Infineon combines near field communication and system-on-chip for keyless lock

Near field Communication - Unlocking door with mobile phone

The NFC technology and SoC have been paired in what the company is calling a first ever tech.

Semiconductor manufacturing company Infineon has unveiled a new keyless lock device that works on near field communication (NFC) and system-on-chip (SoC) technology.

The combination makes it possible to unlock padlocks, doors and other locks with mobile phones.

According to the company, the future of building security might involve removing keys from the mix altogether. It has developed a security solution that requires neither keys nor batteries to make it possible to lock and unlock with a smartphone. This would make it possible for people to use their phones to unlock small locks for places such as mailboxes, lockers or office cabinets among others. Depending on the smartphone, the process takes around two seconds.

That said, the technology isn’t reliant on a gadget with a battery that would need to be replaced, as is the case with many auto key fobs, nor does the lock itself need a battery. Instead, the near field communication and SoC technology simply uses the individual’s smartphone to provide the energy needed for locking or unlocking.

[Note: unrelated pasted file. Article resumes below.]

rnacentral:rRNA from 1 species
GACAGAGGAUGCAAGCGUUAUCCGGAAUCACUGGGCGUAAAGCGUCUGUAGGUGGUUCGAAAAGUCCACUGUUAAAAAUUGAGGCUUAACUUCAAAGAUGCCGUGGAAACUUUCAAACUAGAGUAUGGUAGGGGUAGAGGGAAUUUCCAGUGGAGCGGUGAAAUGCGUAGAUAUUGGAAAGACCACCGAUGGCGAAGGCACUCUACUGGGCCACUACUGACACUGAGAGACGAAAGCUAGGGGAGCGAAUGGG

Near field Communication - Chains on Phone - Security

The near field communication and SoC technology could be used as backups for larger locks.

The new Infineon chip also has the potential for use in unlocking larger locks as an emergency option. This can include everything from hotel and home doors. The company underscored that the chips would make it possible to continue unlocking the locks even in the event of a power outage that would power down the lock, as power would be drawn from the phone. It would simply take longer than two seconds for the process to be completed.

By using NFC technology, it means that the phone could be used in the exact same way as it is employed for contactless and tap mobile payment services such as Google Pay and Apple Pay, among others. The chip embedded in the phone – which is becoming increasingly commonplace, particularly among large smartphone brands – provides the power to the chip embedded within the lock.

Companies or individuals would also have the opportunity to use a password that would need to be entered in the phone, in order to boost security even further than simply needing the device to unlock the lock.

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